France, Spain and the USA rule the roost in Un Certain Regard
by Fabien Lemercier
- Bruno Dumont, Christophe Honoré and Albert Serra are the biggest names in a selection of 15 titles, including eight feature debuts and seven movies by female directors
Unveiled today in Paris, just like the entirety of the Official Selection (see the article) of the 72nd Cannes Film Festival (14-25 May), the Un Certain Regard programme contains 15 features for the time being, a figure that is likely to creep up slightly in the next few days. And in keeping with previous editions, Thierry Frémaux is putting the emphasis on youth and increased female participation, as the line-up includes eight feature debuts and will showcase the work of seven female directors.
Nevertheless, several highly renowned filmmakers are the brightest beacons in the display case, particularly France’s Bruno Dumont (Special Mention for the Caméra d’Or on the Croisette in 1997; he has taken part in the Cannes competition three times, winning two Grand Prix into the bargain, and he is now making a return to Un Certain Regard, where he presented Hors Satan [+see also:
film profile] in 2011), who will present the sequel to Jeannette, The Childhood of Joan of Arc [+see also:
interview: Bruno Dumont
film profile] (unveiled in the Directors’ Fortnight in 2017), Joan of Arc [+see also:
film profile], which boasts a completely different style.
Also standing out on the line-up is his fellow countryman Christophe Honoré, who has already taken part in the quest for the Palme d’Or twice (including last year) and who has popped up unexpectedly with his new title, On a Magical Night. The presence of this film was not widely expected, since the shoot only wrapped on 19 March.
Lastly, the French contingent in Un Certain Regard is rounded off by an animated film: The Swallows of Kabul [+see also:
film profile] by Zabou Breitman and Eléa Gobbe-Mevellec (see the news), an adaptation of the novel of the same name by Yasmina Khadra, which was co-produced by Switzerland and Luxembourg.
European cinema is also in contention thanks to two Spanish films helmed by two appealing and highly personal auteurs: Liberté by the unpredictable Albert Serra (who enjoyed a Special Screening in the Cannes Official Selection in 2016 with his Last Days of Louis XIV [+see also:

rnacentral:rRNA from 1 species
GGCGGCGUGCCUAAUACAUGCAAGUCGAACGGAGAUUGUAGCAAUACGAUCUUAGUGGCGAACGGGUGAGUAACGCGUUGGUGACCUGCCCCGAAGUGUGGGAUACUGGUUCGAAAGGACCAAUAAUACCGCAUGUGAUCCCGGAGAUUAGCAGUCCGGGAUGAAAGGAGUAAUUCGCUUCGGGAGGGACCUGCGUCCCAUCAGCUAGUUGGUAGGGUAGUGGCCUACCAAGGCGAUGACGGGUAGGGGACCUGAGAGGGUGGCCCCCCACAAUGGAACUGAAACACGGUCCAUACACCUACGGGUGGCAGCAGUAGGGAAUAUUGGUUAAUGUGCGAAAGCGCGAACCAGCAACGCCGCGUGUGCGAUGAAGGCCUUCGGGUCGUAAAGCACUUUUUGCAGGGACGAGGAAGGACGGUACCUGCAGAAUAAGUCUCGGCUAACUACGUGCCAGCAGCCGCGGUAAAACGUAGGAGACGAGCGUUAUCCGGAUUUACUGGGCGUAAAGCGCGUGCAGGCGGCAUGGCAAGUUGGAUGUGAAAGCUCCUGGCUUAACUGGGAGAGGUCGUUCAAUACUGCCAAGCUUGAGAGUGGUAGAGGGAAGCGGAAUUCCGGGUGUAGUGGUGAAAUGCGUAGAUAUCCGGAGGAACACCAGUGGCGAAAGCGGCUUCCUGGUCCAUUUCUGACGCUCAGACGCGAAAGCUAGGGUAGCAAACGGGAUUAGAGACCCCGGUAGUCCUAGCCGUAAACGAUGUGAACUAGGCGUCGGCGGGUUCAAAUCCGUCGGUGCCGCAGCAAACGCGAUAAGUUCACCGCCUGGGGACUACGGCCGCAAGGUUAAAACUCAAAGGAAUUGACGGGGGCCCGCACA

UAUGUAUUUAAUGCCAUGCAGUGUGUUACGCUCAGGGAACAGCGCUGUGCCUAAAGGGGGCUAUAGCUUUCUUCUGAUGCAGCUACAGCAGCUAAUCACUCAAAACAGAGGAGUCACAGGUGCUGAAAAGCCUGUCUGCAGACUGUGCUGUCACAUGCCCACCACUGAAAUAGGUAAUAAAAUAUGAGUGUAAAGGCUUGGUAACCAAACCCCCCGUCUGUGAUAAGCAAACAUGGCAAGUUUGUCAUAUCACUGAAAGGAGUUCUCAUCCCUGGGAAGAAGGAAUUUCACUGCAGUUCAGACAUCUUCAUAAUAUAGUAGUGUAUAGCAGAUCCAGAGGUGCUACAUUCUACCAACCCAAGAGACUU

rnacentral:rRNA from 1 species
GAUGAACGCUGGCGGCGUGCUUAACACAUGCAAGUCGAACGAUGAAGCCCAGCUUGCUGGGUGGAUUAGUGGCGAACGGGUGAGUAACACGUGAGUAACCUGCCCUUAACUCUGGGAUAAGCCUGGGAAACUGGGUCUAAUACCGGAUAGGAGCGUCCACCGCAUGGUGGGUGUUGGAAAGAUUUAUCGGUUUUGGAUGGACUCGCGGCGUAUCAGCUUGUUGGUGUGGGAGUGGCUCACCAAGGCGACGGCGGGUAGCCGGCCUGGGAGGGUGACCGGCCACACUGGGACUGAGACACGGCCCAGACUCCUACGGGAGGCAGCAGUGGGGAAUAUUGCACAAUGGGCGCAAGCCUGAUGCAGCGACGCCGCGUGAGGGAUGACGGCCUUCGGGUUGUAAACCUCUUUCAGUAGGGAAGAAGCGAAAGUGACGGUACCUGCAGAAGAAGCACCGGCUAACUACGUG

interview: Albert Serra
film profile], and who participated in the Directors’ Fortnight in 2006 and 2008, as well as winning the Golden Leopard at Locarno in 2013) and Fire Will Come [+see also:
film profile] by Óliver Laxe (Grand Prize in the Cannes Critics’ Week in 2016 with Mimosas [+see also:
interview: Oliver Laxe
film profile], after having risen to prominence in the Directors’ Fortnight in 2010 with the documentary You All Are Captains [+see also:
The Continent will also be represented by the majority French production Papicha [+see also:
film profile], the feature debut by Mounia Meddour (which also sees the involvement of Algeria – the filmmaker’s home country – Belgium and Qatar). Fresh, youthful cinema from North Africa is also invited to the party thanks to the selection of another feature debut: Adam by Maryam Touzani (an actress and the co-writer of Razzia [+see also:
interview: Nabil Ayouch
film profile] by Nabil Ayouch), a movie produced by Morocco, France and Belgium.
Also of note are Beanpole [+see also:
film profile] by Russia’s Kantemir Balagov (his second feature, following the very promising Closeness [+see also:
film profile], unveiled in Un Certain Regard in 2017) and the feature debut Homeward by Ukraine’s Nariman Aliev.
While the rest of Europe is totally absent from the programme (at least for the time being), North America has a strong presence with four titles (all feature debuts), helmed by female US directors Danielle Lessovitz and Annie Silverstein, their fellow countryman Michael Covino and Canada’s Monia Chokri.
Lastly, this snapshot of global diversity is topped off by a South American film (by Brazil’s Karim Aïnouz) and two Asian ones (directed by Taiwan’s Midi Z and China’s Zu Feng).
Here is the full list of titles announced so far:
Un Certain Regard
A Brother's Love - Monia Chokri (Canada) (opening film)
The Invisible Life of Eurídice Gusmão - Karim Aïnouz (Brazil/Germany)
Homeward - Nariman Aliev (Ukraine)
Beanpole [+see also:
film profile] - Kantemir Balagov (Russia)
The Swallows of Kabul [+see also:
film profile] - Zabou Breitman, Eléa Gobé Mévellec (France/Switzerland/Luxembourg)
The Climb - Michael Covino (US)
Joan of Arc [+see also:
film profile] - Bruno Dumont (France)
On a Magical Night - Christophe Honoré (France/Belgium/Luxembourg)
Fire Will Come [+see also:
film profile] - Óliver Laxe (Spain/France/Luxembourg)
Port Authority - Danielle Lessovitz (US)
Papicha [+see also:
film profile] - Mounia Meddour (France/Belgium/Algeria)
Liberté - Albert Serra (Spain/France/Portugal)
Bull - Annie Silverstein (US)
Adam - Maryam Touzani (Morocco/France/Belgium/Qatar)
Nina Wu (Zhuo ren mi mi) - Midi Z (Taiwan)
Summer of Changsha - Zu Feng (China)
(Translated from French)
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